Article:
In Hart v. Sansom, 110 U.S. 151, 3 S. Ct. 586, 588, 28 L. Ed. 101, the court said:

"Generally, if not universally, equity jurisdiction is exercised in personam, and not in rem, and depends upon the control of the court over the parties, by reason of their presence or residence, and not upon the place where the land lies in regard to which relief is sought. Upon a bill for the removal of a cloud upon title, as upon a bill for the specific performance of an agreement to convey, the decree, unless otherwise expressly provided by statute, is clearly not a judgment in rem, establishing a title in land, but operates in personam only, by restraining the defendant from asserting his claim, and directing him to deliver up his deed to be cancelled, or to execute a release to the plaintiff. Langd. Eq. Pl. (2d Ed.) §§ 43, 184; Massie v. Watts, 6 Cranch, 148 [3 L. Ed. 181]; Orton v. Smith, 18 How. 263 [15 L. Ed. 393]; Vandever v. Freeman, 20 Tex. 334 [70 Am. Dec. 391].

"It would doubtless be within the power of the state in which the land lies to provide by statute that if the defendant is not found within the jurisdiction, or refuses to make or to cancel a deed, this should be done in his behalf by a trustee appointed by the court for that purpose. Felch v. Hooper, 119 Mass. 52; Ager v. Murray, 105 U.S. 126, 132 [26 L. Ed. 942]. But in such a case, as in the ordinary exercise of its jurisdiction, a court of equity acts in personam, by compelling a deed to be executed or canceled by or in behalf of the party. It has no inherent power, by the mere force of its decree, to annul a deed or to establish a title."

It was held in Morris v. Runnells, 12 Tex. 175, and Vendever's Adm'rs v. Freeman, 20 Tex. 335, 70 Am. Dec. 391, cited in the Hart Case, that suits merely for the cancellation of contractual rights, obligations or choses in action are personal as distinguished from actions in rem, and can be supported only by personal service within the state.

In McCormick v. Blaine, 345 Ill. 461, 178 N.E. 195, 77 A.L.R. 1215, it was held that a proceeding in personam is one against the person which involves his personal rights and may involve his right to specific property or the exercise of the ownership of such property, but it is based on jurisdiction of his person. See, also, Windsor v. McVeigh, 93 U.S. 274, 23 L. Ed. 914; Austin v. Royal League, 316 Ill. 188, 147 N.E. 106; Woodruff v. Taylor, 20 Vt. 65.

As a rule, in decreeing cancellation, equity operates not in rem, but wholly in personam by working on the volition or conscience of the defendant. State ex rel. Barrett v. District Court of Pine County, 94 Minn. 370, 102 N.W. 869, 3 Ann. Cas. 725; Allred v. Smith, 135 N.C. 443, 47 S.E. 597, 65 L.R.A. 924. See, also, New York Life Insurance Company v. Bangs, 103 U.S. 435, 26 L. Ed. 580; Id., 103 U.S. 780, 26 L. Ed. 608; Freeman v. Alderson, 119 U.S. 185, 7 S. Ct. 165, 30 L. Ed. 372; Brown v. Duffin (C.C.A.) 13 F.2d 708; Great North Woods Club v. Raymond (C.C.A.) 54 F.2d 1017.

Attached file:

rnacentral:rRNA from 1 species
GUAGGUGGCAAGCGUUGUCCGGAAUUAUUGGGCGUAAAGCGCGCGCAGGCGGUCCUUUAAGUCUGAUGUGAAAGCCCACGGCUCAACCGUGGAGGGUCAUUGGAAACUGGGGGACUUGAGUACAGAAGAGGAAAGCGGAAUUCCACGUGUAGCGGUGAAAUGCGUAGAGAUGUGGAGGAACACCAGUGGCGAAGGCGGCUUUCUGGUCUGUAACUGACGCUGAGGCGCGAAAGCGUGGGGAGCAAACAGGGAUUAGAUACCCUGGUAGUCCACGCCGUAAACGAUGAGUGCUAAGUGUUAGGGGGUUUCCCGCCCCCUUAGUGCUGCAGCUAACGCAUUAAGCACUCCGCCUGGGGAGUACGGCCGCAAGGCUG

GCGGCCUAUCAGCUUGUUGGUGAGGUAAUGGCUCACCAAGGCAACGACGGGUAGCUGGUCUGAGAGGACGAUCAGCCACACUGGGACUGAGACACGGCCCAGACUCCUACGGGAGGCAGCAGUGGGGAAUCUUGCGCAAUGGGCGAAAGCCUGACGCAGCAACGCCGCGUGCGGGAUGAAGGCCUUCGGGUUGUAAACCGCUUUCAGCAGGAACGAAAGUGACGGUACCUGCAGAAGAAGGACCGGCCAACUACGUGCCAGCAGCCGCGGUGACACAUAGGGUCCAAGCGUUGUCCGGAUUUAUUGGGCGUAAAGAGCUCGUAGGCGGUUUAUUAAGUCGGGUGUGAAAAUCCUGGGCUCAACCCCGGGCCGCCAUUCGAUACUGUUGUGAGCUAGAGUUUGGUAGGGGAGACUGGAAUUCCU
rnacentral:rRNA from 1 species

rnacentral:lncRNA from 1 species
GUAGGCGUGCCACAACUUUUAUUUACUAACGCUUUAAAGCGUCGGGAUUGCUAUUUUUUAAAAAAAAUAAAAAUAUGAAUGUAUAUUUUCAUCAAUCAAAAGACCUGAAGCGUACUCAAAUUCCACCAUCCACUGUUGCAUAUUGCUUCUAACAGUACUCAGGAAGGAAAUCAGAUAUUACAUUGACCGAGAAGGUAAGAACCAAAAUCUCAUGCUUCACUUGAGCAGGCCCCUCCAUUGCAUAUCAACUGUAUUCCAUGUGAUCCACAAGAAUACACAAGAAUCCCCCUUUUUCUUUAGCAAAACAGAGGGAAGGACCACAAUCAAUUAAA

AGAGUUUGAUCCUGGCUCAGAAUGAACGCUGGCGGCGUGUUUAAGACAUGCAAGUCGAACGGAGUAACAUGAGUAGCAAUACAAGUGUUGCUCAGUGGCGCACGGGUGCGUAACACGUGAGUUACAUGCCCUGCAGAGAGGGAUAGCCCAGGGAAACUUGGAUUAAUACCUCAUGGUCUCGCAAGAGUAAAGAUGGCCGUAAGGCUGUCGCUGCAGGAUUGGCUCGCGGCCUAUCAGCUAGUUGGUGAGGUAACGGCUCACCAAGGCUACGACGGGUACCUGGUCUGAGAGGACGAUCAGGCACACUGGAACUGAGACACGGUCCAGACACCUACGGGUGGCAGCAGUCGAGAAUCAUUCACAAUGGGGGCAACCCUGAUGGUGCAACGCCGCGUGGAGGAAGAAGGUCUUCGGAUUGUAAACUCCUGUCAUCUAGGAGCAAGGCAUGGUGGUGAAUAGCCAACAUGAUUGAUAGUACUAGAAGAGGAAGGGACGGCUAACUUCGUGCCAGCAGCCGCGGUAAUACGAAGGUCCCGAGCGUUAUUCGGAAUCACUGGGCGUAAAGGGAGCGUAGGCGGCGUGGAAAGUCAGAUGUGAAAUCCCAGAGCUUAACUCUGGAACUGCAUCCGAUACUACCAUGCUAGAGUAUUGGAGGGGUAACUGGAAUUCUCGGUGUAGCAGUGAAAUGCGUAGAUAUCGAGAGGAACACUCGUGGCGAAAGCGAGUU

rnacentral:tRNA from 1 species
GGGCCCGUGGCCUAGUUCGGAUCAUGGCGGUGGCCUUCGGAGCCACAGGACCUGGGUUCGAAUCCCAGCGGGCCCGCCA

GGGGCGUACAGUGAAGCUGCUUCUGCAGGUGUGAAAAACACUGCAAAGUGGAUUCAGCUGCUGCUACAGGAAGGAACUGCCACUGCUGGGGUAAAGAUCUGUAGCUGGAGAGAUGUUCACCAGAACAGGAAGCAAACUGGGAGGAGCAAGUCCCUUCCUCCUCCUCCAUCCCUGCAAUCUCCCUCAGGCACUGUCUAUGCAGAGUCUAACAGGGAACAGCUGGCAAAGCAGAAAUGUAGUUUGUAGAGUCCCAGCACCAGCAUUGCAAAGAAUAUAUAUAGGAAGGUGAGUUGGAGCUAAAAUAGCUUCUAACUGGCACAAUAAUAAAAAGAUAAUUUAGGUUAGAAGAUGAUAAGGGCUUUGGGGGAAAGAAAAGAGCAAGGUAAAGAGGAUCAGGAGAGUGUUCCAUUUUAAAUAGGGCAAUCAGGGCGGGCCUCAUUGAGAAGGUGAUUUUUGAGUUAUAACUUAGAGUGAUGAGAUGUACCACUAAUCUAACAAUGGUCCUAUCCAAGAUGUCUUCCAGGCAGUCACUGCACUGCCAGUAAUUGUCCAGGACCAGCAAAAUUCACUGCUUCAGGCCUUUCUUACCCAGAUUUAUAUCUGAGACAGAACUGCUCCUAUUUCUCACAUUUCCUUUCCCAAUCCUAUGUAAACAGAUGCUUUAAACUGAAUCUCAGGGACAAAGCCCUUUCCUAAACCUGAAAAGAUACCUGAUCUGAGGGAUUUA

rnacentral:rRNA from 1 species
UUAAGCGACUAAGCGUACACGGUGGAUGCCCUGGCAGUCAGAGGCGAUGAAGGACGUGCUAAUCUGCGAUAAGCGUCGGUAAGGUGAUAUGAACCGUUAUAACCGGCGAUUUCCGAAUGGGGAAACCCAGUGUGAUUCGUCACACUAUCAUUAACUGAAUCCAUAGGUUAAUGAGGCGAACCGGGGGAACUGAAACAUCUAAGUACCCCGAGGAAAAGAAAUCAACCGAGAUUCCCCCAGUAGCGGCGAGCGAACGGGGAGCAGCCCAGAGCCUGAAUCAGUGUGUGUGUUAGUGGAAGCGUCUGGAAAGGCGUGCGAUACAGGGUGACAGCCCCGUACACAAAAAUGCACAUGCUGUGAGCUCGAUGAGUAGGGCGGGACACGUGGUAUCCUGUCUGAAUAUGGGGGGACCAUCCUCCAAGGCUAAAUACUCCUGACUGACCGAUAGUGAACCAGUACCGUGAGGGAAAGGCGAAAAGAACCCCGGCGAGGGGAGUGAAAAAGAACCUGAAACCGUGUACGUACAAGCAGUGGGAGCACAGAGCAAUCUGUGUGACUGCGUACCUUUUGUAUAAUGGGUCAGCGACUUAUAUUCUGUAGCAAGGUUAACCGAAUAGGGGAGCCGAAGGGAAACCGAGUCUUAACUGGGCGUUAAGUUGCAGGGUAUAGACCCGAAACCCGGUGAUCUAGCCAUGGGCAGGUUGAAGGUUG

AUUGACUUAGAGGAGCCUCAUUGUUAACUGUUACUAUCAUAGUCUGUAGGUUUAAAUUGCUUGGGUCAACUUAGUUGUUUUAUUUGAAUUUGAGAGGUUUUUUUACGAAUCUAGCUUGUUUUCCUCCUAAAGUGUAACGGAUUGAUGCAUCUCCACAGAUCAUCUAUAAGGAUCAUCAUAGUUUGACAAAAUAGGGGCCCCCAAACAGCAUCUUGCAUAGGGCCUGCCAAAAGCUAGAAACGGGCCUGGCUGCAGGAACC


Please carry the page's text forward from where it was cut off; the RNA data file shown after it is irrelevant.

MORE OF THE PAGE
The Supreme Court decisions upon which appellee relies, Prout v. Starr, 188 U.S. 544, 23 S. Ct. 398, 47 L. Ed. 584; Rickey Land & Cattle Company v. Miller & Lux, 218 U.S. 258, 31 S. Ct. 11, 54 L. Ed. 1032; Ex parte Young, 209 U.S. 123, 28 S. Ct. 441, 52 L. Ed. 714, 13 L.R.A. (N.A.) 932, 14 Ann. Cas. 764, are not in conflict with the principles enunciated in Kline v. Burke Const. Co., supra. If there be a seeming inconsistency it is due to a difference in facts. Appellee relies upon certain other federal cases decided by the Fourth and Eighth Circuits as in some measure supporting its contention on somewhat analogous facts. It is quite obvious that in Peake v. Lincoln National Life Ins. Co. (C.C.A. 8) 15 F.2d 303, the facts are not analogous to those of the instant case; and the same may be said of Brown v. Pacific Mutual Life Insurance Company (C.C.A.) 62 F.2d 711, and of Jones v. Reliance Life Insurance Co. (C.C.A.) 11 F.2d 69, both of the Fourth Circuit. If the facts in Jefferson Standard Life Insurance Co. v. Keeton (C.C.A.) 292 F. 53, can be said to be analogous to the facts in the instant case, then we can not follow that ruling, as it seems to be quite inconsistent with Kline v. Burke Const. Co., supra, and the other authorities hereinbefore set forth.

We do not question the inadequacy of appellee's legal remedy at the time its bill was filed, nor the District Court's jurisdiction of the subject matter of the bill at that time, nor its right to maintain and exercise that jurisdiction. These powers may be quite necessary to protect appellee's rights in case appellant should dismiss its action in the state court after the incontestable period has expired. We do, however, hold that appellee's action to cancel the policy is an action in personam and under the authorities cannot constitute a basis for enjoining appellant's action on the policy in the Minnesota court.

The rule as laid down by the Supreme Court provides that the judgment or decree first obtained may be pleaded as res adjudicata of the facts thus decided, in the court where the undecided case is then pending. We are not without doubt as to the relative rights of the parties in case both causes were decided differently at precisely the same time. This question, however, can only be pertinent, if at all, to the reasonableness of the rule which permits both actions to proceed at the same time. With the reasonableness of that rule we are not concerned.

The decree is reversed and the cause is remanded with instructions to dissolve the injunction, and for further proceedings not inconsistent with this opinion.

19340920